I'm so bummed out about the death of Mark E. Smith, the leader of The Fall, I'm just not up to doing a regular Throwback Thursday today.
Instead I'm just going to post a jumble of some of my ramblings about Smith and The Fall from various reviews I wrote of their albums (from 1989 to a couple of weeks ago.)
Then I'll post some music.
I never thought that first (and only) time I saw The Fall in concert, back in the early ’80s, that 30 years later [now closer to 40 years later] I would:
a) be reviewing a brand new Fall album and
b) find that fact reassuring.
Although Fall guy Mark E. Smith was surprisingly open and friendly when I interviewed him over a couple of beers at Evangelo’s that night — until then I thought I might be the only person outside my small circle of friends who loved both Johnny Cash and Captain Beefheart — The Fall’s concert was confusing and even a little threatening.
As I wrote at the time, I felt like Dylan’s Mr. Jones. I knew something was happening there, but I just didn’t know what it was. It took me a couple of years to appreciate and eventually love The Fall, though I’ve never really understood them.
I had never heard of The Fall but I was intrigued by their press kit. Instead of the hyperbolic raves and slick fluff that record companies crank out to hype their artists, The Fall's press kit consisted of several pages of poorly reproduced Xerox collages of weird photos, typewritten madness and and copies of their concert and record reviews -- many of them negative ... [Smith] carried a little tape recorder to preserve, he said, funny things he had heard on The Fall's American tour. Nonsequitous snippets of conversation, street noises, motel room televisions and so on. Part of the Evangelos interview became part of that tape.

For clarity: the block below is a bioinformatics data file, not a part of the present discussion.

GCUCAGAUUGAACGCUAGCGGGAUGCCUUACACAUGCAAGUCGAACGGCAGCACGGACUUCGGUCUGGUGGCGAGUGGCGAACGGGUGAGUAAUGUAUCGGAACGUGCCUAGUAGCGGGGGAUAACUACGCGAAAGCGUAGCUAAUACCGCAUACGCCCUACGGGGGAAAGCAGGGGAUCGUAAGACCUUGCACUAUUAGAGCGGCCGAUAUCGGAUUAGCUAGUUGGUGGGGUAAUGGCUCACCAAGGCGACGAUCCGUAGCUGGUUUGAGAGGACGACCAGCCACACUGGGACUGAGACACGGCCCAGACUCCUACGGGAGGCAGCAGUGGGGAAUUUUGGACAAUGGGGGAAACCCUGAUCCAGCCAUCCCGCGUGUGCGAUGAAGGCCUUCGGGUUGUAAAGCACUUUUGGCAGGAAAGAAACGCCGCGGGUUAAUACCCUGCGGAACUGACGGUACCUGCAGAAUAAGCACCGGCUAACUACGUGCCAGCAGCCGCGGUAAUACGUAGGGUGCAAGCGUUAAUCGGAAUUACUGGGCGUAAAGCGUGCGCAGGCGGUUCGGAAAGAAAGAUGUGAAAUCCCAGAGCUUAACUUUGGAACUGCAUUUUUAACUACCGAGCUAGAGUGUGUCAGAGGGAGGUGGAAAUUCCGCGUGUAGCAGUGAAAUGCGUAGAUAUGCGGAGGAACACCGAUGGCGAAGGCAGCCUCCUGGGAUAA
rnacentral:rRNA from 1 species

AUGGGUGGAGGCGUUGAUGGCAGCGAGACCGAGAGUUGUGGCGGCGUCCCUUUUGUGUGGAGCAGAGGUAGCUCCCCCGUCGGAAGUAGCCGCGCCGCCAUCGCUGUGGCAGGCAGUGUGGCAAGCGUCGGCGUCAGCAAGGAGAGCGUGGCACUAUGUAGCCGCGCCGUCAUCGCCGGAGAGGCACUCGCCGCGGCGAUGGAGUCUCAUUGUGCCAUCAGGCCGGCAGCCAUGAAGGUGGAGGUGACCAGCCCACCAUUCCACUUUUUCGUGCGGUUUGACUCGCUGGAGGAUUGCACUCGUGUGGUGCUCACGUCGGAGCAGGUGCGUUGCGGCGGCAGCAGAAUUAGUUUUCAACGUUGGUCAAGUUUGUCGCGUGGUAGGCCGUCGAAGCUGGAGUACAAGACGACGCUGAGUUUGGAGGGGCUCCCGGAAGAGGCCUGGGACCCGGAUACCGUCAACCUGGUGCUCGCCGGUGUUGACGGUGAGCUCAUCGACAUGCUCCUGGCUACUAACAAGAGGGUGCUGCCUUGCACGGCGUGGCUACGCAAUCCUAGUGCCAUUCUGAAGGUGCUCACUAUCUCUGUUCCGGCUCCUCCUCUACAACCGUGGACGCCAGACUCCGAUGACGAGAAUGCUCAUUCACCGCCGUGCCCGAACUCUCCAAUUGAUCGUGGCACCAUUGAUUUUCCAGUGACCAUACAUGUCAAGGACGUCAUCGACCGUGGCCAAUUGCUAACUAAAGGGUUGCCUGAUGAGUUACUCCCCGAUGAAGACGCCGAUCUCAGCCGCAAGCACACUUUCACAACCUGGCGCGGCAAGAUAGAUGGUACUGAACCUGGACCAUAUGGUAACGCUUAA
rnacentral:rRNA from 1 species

More than a decade ago, in reviewing some Fall album or another, I wrote, “I doubt if all the CIA’s computers could crack the garbled ranting of Mark E. Smith.” In recent years I’ve been leaning toward a conspiracy-theory explanation for The Fall’s appeal to its scattered cult.
The band is actually sending coded messages to some alien/Lovecraftian sleeper cell. Some isolated Smith yelp in conjunction with some post-Standells guitar hook causes some shift in brain chemistry in some isolated listener, and next thing you know some unwitting Fall fan in Dalhart, Texas, is making a 4 a.m. drive to the Tucumcari airport to pick up a crate of something unspeakable delivered on a secret flight from Bohemian Grove.
He still sounds like a crazy old wino who loves to scream at you on the bus, his voice ranging from a menacing growl to a desperate rasp. That instrument is showing signs of wear and tear, but the craziness is still there. His current band is muscular enough to drive home Smith’s message. Whatever the heck that might be.
To the truly initiated, The Fall is everywhere. Every time you hear a car crash, a distant explosion, thunder cracking, a radio blaring static, a wino screaming profanities at nobody in particular — you hear the voice of Mark E. Smith ranting, grumbling, making rude noises in your head.
Here's some songs:
Check the record check the record, check the guy's track record. HE IS NUTS!
He's totally wired!
The Fall go country!
Now I Wanna Be Your Elf
The Fall in Norway 2006
Mark E. has left the Capitol.
And if that wasn't enough for you, here's my Spotify playlist featuring more than four hours of Fall music.
|R.I.P. Mark E. Smith|